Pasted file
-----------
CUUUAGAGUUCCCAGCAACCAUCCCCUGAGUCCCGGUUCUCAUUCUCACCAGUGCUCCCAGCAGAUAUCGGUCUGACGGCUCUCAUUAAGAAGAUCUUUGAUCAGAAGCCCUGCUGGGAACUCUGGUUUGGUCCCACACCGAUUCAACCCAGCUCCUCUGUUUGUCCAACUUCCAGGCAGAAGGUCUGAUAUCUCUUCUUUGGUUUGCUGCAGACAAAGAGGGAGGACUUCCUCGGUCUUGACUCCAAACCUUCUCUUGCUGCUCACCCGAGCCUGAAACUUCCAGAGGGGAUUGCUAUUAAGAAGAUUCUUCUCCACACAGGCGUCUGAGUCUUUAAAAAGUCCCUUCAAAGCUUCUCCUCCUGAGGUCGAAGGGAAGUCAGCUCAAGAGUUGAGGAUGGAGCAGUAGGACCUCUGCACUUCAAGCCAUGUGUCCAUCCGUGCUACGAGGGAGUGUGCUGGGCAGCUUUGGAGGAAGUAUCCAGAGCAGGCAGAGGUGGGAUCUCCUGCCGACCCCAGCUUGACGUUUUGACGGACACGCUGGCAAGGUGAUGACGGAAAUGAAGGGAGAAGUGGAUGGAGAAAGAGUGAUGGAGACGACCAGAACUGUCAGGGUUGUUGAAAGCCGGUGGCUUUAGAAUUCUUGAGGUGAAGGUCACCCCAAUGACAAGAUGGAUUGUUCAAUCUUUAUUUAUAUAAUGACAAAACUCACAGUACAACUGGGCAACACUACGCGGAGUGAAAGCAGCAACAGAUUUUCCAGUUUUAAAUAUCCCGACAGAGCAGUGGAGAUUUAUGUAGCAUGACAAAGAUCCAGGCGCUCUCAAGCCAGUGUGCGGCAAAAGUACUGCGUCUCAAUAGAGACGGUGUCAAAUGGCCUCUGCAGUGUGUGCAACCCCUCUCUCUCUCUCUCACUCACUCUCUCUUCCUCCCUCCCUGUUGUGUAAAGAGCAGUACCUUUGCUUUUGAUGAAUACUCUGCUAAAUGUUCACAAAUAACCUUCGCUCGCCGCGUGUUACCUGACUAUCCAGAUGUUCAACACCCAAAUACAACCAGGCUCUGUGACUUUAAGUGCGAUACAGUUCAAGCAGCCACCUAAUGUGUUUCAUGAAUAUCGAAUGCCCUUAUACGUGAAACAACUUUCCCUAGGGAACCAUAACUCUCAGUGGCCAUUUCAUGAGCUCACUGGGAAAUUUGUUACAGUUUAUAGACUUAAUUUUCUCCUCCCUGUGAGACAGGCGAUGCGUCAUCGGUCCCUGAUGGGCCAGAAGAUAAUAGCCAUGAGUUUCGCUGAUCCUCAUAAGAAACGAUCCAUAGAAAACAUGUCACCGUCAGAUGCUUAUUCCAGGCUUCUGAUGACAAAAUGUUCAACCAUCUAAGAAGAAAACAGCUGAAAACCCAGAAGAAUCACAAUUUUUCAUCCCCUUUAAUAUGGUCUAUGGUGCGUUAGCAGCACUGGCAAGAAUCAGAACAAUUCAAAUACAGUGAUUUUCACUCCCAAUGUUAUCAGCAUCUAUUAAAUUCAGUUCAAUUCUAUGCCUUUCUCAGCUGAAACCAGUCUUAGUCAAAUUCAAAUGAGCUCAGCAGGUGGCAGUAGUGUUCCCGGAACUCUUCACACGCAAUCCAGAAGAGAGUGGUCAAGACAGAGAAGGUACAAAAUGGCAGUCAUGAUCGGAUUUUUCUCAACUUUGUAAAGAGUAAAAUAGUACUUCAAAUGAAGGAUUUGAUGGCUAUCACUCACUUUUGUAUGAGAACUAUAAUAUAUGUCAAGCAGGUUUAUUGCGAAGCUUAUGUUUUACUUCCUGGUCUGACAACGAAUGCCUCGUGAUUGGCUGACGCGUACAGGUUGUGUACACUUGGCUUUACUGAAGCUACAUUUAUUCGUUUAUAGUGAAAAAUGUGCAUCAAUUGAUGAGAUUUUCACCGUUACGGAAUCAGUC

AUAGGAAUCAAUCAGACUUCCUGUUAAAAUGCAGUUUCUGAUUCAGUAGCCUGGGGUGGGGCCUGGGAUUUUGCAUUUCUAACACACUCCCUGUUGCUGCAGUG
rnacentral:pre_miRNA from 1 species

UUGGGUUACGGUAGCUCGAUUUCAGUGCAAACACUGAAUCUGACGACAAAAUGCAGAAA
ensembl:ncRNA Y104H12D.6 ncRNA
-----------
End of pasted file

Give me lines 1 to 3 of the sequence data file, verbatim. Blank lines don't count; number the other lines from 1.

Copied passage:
CUUUAGAGUUCCCAGCAACCAUCCCCUGAGUCCCGGUUCUCAUUCUCACCAGUGCUCCCAGCAGAUAUCGGUCUGACGGCUCUCAUUAAGAAGAUCUUUGAUCAGAAGCCCUGCUGGGAACUCUGGUUUGGUCCCACACCGAUUCAACCCAGCUCCUCUGUUUGUCCAACUUCCAGGCAGAAGGUCUGAUAUCUCUUCUUUGGUUUGCUGCAGACAAAGAGGGAGGACUUCCUCGGUCUUGACUCCAAACCUUCUCUUGCUGCUCACCCGAGCCUGAAACUUCCAGAGGGGAUUGCUAUUAAGAAGAUUCUUCUCCACACAGGCGUCUGAGUCUUUAAAAAGUCCCUUCAAAGCUUCUCCUCCUGAGGUCGAAGGGAAGUCAGCUCAAGAGUUGAGGAUGGAGCAGUAGGACCUCUGCACUUCAAGCCAUGUGUCCAUCCGUGCUACGAGGGAGUGUGCUGGGCAGCUUUGGAGGAAGUAUCCAGAGCAGGCAGAGGUGGGAUCUCCUGCCGACCCCAGCUUGACGUUUUGACGGACACGCUGGCAAGGUGAUGACGGAAAUGAAGGGAGAAGUGGAUGGAGAAAGAGUGAUGGAGACGACCAGAACUGUCAGGGUUGUUGAAAGCCGGUGGCUUUAGAAUUCUUGAGGUGAAGGUCACCCCAAUGACAAGAUGGAUUGUUCAAUCUUUAUUUAUAUAAUGACAAAACUCACAGUACAACUGGGCAACACUACGCGGAGUGAAAGCAGCAACAGAUUUUCCAGUUUUAAAUAUCCCGACAGAGCAGUGGAGAUUUAUGUAGCAUGACAAAGAUCCAGGCGCUCUCAAGCCAGUGUGCGGCAAAAGUACUGCGUCUCAAUAGAGACGGUGUCAAAUGGCCUCUGCAGUGUGUGCAACCCCUCUCUCUCUCUCUCACUCACUCUCUCUUCCUCCCUCCCUGUUGUGUAAAGAGCAGUACCUUUGCUUUUGAUGAAUACUCUGCUAAAUGUUCACAAAUAACCUUCGCUCGCCGCGUGUUACCUGACUAUCCAGAUGUUCAACACCCAAAUACAACCAGGCUCUGUGACUUUAAGUGCGAUACAGUUCAAGCAGCCACCUAAUGUGUUUCAUGAAUAUCGAAUGCCCUUAUACGUGAAACAACUUUCCCUAGGGAACCAUAACUCUCAGUGGCCAUUUCAUGAGCUCACUGGGAAAUUUGUUACAGUUUAUAGACUUAAUUUUCUCCUCCCUGUGAGACAGGCGAUGCGUCAUCGGUCCCUGAUGGGCCAGAAGAUAAUAGCCAUGAGUUUCGCUGAUCCUCAUAAGAAACGAUCCAUAGAAAACAUGUCACCGUCAGAUGCUUAUUCCAGGCUUCUGAUGACAAAAUGUUCAACCAUCUAAGAAGAAAACAGCUGAAAACCCAGAAGAAUCACAAUUUUUCAUCCCCUUUAAUAUGGUCUAUGGUGCGUUAGCAGCACUGGCAAGAAUCAGAACAAUUCAAAUACAGUGAUUUUCACUCCCAAUGUUAUCAGCAUCUAUUAAAUUCAGUUCAAUUCUAUGCCUUUCUCAGCUGAAACCAGUCUUAGUCAAAUUCAAAUGAGCUCAGCAGGUGGCAGUAGUGUUCCCGGAACUCUUCACACGCAAUCCAGAAGAGAGUGGUCAAGACAGAGAAGGUACAAAAUGGCAGUCAUGAUCGGAUUUUUCUCAACUUUGUAAAGAGUAAAAUAGUACUUCAAAUGAAGGAUUUGAUGGCUAUCACUCACUUUUGUAUGAGAACUAUAAUAUAUGUCAAGCAGGUUUAUUGCGAAGCUUAUGUUUUACUUCCUGGUCUGACAACGAAUGCCUCGUGAUUGGCUGACGCGUACAGGUUGUGUACACUUGGCUUUACUGAAGCUACAUUUAUUCGUUUAUAGUGAAAAAUGUGCAUCAAUUGAUGAGAUUUUCACCGUUACGGAAUCAGUC

AUAGGAAUCAAUCAGACUUCCUGUUAAAAUGCAGUUUCUGAUUCAGUAGCCUGGGGUGGGGCCUGGGAUUUUGCAUUUCUAACACACUCCCUGUUGCUGCAGUG
rnacentral:pre_miRNA from 1 species